Mesa, we may be travelling down a farmiliar path here.My main priority because of open fermentation and trub collection due to run off through counterflow chiller is to prevent the krausen from primary falling through the beer.In order to do this i rack off when the yeast has reached anaerobic condition,i judge this stage (visually) to be at the point when large billowing bubbles are being formed.After all, the yeast has finished multiplying and is now producing alcohol and co2, the trub etc is sitting on top of the beer.If you drop the beer at this stage a second head will be formed and even if brewing the darkest of stouts, will be white and fluffy,This then drops through the beer within 12 - 24 hrs and 2ndary commences.Yes i rack off slightly early, but this is to ensure the cleanest beer i can for the longer 2ndary period.Also with open fermentation for primary, you really do not want to be any later and have the beer exposed to atmosphere for any period of time. Id be interested in your procedure for open.
A stickler for old ways,

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OK... I've Got It....

Postby Mesa Maltworks » Sat Feb 22, 2003 9:27 am

Ok... as I guessed, you are racking to secondary at pre-terminal. With the technique you use (yes... we've been there!), that is the wisest method.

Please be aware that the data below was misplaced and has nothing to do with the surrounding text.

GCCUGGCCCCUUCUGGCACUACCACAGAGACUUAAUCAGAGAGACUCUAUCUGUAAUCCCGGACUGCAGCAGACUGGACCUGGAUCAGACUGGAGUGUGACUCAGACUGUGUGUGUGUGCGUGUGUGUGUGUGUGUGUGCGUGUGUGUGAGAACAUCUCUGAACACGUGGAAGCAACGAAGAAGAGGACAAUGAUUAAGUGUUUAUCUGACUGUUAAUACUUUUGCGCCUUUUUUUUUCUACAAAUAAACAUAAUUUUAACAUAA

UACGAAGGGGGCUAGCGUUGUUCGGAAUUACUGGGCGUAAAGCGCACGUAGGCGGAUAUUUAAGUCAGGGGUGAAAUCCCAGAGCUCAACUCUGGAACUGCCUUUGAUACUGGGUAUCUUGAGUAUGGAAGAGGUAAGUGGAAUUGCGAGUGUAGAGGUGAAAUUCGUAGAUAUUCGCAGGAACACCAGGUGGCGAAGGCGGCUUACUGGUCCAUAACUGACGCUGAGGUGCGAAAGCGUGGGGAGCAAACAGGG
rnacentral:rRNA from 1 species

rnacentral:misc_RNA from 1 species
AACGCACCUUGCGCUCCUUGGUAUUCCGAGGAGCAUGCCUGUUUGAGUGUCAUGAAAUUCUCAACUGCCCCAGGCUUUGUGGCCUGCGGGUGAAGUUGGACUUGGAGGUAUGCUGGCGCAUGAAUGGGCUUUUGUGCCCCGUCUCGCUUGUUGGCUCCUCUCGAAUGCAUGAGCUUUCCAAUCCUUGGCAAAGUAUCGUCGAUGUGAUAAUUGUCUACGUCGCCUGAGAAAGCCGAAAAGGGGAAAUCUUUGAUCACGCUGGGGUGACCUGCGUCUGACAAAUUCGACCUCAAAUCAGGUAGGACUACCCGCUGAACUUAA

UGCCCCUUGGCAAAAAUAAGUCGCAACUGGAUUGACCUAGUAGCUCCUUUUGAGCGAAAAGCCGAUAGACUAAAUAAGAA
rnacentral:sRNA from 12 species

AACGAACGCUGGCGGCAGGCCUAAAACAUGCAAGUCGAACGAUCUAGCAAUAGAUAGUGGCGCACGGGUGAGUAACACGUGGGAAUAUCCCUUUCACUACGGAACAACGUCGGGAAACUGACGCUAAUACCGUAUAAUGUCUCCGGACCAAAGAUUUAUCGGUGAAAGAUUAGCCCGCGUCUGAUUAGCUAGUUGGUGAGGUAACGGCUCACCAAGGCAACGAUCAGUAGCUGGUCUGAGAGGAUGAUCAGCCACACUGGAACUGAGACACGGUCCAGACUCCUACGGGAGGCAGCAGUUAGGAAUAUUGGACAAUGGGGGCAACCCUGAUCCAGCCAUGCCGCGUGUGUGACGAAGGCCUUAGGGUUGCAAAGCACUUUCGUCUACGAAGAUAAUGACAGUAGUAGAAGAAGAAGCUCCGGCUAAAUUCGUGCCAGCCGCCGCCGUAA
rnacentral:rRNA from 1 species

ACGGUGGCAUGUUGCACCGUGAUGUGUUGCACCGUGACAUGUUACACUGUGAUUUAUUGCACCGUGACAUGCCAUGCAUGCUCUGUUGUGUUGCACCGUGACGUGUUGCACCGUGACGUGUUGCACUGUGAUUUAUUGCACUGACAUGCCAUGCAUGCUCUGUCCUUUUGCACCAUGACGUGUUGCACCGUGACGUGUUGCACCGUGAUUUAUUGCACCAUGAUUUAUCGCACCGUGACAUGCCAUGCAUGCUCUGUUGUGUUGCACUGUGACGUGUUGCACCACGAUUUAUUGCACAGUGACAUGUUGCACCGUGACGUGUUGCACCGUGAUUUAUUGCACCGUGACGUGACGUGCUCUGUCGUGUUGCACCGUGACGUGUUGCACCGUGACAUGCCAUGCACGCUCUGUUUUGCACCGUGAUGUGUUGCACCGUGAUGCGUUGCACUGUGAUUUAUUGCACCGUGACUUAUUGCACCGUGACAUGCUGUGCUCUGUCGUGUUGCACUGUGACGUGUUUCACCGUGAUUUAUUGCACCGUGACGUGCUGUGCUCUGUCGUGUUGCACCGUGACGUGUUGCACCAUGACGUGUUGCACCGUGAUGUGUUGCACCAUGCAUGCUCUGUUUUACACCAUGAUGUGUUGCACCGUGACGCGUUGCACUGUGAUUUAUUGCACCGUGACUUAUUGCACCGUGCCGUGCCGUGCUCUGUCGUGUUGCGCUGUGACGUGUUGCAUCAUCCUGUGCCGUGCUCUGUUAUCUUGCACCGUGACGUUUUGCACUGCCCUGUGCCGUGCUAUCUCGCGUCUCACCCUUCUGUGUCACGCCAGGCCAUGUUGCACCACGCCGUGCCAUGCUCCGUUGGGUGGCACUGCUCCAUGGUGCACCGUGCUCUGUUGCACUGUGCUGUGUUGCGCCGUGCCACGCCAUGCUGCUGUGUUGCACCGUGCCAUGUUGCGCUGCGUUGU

As far as how I'm doing it... I do two successive trub bleeds from my fermenter base and then let'er fly to terminal or step cool, dependant on brand. Example: I produce an American IPA that is bittered to 92 IBU. It has a very complex malt bill, but not enought to compete with this hopping rate on it's own, so I have to stop fermentation by semi-crash cooling when it reaches 1.017. This residual sweetness mingles with the malt flavor to balance against the high hopping rate. If I was operating without a lid, I'd never do this, of course, as the krausen fallout would eventually infect the beer which is what you are avoiding with your techniques. In my case, even though I'm at atmospheric pressure in the fermenter, the lid (no gasket, it just sits on top) allows me to maintain a very dense CO2 blanket that prevents oxygen ingress. By dropping it 5c/day down to -1c, I do not loose this protection via vacuum like I would if I literally crashed it to that temp in one day. After the desired contact time at this low of a temperature, I move my brews to Grundy's, which are sealed, to further condition at 38 deg. f. Using these techniques I have had no problems. I repitch new cultures after 7 generations for all of my beers. In a commercial setting with open fermentation (even the way I'm doing it) it would be unwise to go beyond this point in re-pitching. To do so would require a system truly geared for continuous open fermentation like the formerly (unfortunately) used Burton Union systems... ie.. Bass.

Without some of the equipment I have, I don't see an easy way a homebrewer could do open fermentation this way, even with a lid. Simply moving the fermenter to the point where it would be refrigerated would not only kick the krausen down, but also allow oxygen ingress... not good !